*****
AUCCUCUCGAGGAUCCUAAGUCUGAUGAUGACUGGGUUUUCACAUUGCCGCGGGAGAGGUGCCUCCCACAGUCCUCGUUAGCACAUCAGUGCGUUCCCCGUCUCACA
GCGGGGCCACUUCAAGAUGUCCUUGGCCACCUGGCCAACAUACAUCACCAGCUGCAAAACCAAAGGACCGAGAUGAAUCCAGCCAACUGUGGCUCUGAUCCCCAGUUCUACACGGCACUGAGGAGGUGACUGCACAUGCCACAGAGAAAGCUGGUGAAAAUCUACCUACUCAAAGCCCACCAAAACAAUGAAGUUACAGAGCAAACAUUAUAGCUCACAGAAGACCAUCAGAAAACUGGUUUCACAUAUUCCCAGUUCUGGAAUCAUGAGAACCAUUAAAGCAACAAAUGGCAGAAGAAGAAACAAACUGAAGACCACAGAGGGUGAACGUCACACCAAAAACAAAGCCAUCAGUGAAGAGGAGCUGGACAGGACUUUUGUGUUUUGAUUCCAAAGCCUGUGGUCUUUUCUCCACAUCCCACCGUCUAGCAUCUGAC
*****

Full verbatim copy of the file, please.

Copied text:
AUCCUCUCGAGGAUCCUAAGUCUGAUGAUGACUGGGUUUUCACAUUGCCGCGGGAGAGGUGCCUCCCACAGUCCUCGUUAGCACAUCAGUGCGUUCCCCGUCUCACA
GCGGGGCCACUUCAAGAUGUCCUUGGCCACCUGGCCAACAUACAUCACCAGCUGCAAAACCAAAGGACCGAGAUGAAUCCAGCCAACUGUGGCUCUGAUCCCCAGUUCUACACGGCACUGAGGAGGUGACUGCACAUGCCACAGAGAAAGCUGGUGAAAAUCUACCUACUCAAAGCCCACCAAAACAAUGAAGUUACAGAGCAAACAUUAUAGCUCACAGAAGACCAUCAGAAAACUGGUUUCACAUAUUCCCAGUUCUGGAAUCAUGAGAACCAUUAAAGCAACAAAUGGCAGAAGAAGAAACAAACUGAAGACCACAGAGGGUGAACGUCACACCAAAAACAAAGCCAUCAGUGAAGAGGAGCUGGACAGGACUUUUGUGUUUUGAUUCCAAAGCCUGUGGUCUUUUCUCCACAUCCCACCGUCUAGCAUCUGAC